This deck attacks from the most straightforward angle imaginable. It plays creatures (some have haste), and it removes anything in the way before finishing the game with an onslaught of burn spells or bloodrush. If it is goldfishing against a combo deck that doesn't really interact, you can regularly kill on turn 4. If they're taking damage from their lands, you can even get 'em on turn 3!
There are some interesting choices in the deck for sure. The most noteworthy inclusion is probably Burning-Tree Shaman (not Emissary, but we'll get to that), but his usefulness goes well beyond his ability to hinder combos like Splinter Twin and Eggs. Obviously, his ability is useful against a variety of decks. Everyone plays fetchlands, making the opponent take a little more pain in the long run. Most of the activated abilities in the format already cost the opponent a little bit of life to gain an advantage, and adding to that pain is important for a deck that is trying to deal as much damage as quickly as possible. Cards like Birthing Pod and Spellskite are much less attractive when a Burning-Tree Shaman is staring you down.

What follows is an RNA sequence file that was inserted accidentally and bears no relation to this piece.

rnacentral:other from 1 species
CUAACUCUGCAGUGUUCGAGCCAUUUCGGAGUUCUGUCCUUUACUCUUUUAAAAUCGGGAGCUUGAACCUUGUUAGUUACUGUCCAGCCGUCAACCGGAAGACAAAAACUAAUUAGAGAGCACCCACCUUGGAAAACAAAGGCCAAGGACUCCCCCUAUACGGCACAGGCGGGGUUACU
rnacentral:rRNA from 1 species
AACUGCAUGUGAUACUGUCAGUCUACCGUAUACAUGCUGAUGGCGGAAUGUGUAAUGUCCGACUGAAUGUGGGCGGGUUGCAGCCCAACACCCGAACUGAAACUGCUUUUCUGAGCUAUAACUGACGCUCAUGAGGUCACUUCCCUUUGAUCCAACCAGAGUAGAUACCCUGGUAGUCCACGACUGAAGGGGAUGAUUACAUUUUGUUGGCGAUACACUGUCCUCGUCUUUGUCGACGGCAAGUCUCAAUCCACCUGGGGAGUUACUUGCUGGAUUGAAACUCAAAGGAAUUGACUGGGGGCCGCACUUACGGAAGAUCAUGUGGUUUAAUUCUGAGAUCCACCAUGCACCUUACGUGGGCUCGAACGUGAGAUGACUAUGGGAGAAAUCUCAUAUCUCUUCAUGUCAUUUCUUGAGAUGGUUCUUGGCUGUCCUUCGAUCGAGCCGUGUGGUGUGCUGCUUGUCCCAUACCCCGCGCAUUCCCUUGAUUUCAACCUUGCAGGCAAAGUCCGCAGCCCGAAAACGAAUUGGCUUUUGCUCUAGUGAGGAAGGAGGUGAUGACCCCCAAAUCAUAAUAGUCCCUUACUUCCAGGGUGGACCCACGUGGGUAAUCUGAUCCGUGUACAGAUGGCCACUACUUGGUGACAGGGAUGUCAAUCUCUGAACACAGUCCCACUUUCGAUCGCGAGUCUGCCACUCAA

The fact that Burning-Tree Shaman has four toughness is also incredibly relevant. Lightning Bolt is the highest played card in the format since it is a versatile removal spell that can also help you race when the game starts to close. Along with things like Snapcaster Mage and Celestial Colonnade, Lightning Bolt being able to finish off the last few points of damage means a lot. The fact that Burning-Tree Shaman dodges the most commonly played removal spell in the format is sweet.
The other side of this coin is that Experiment One (and evolve in general) triggers off of both power and toughness. This means that playing with creatures with a high toughness is often beneficial as long as the original creature with evolve doesn't have a high toughness. Along with Kird Ape and Tarmogoyf, Burning-Tree Shaman will help pump Experiment One to Wild Nacatl status or even greater! While Experiment One is no Wild Nacatl, the fact that Wild Nacatl is banned and we're comparing the two should at least raise an eyebrow.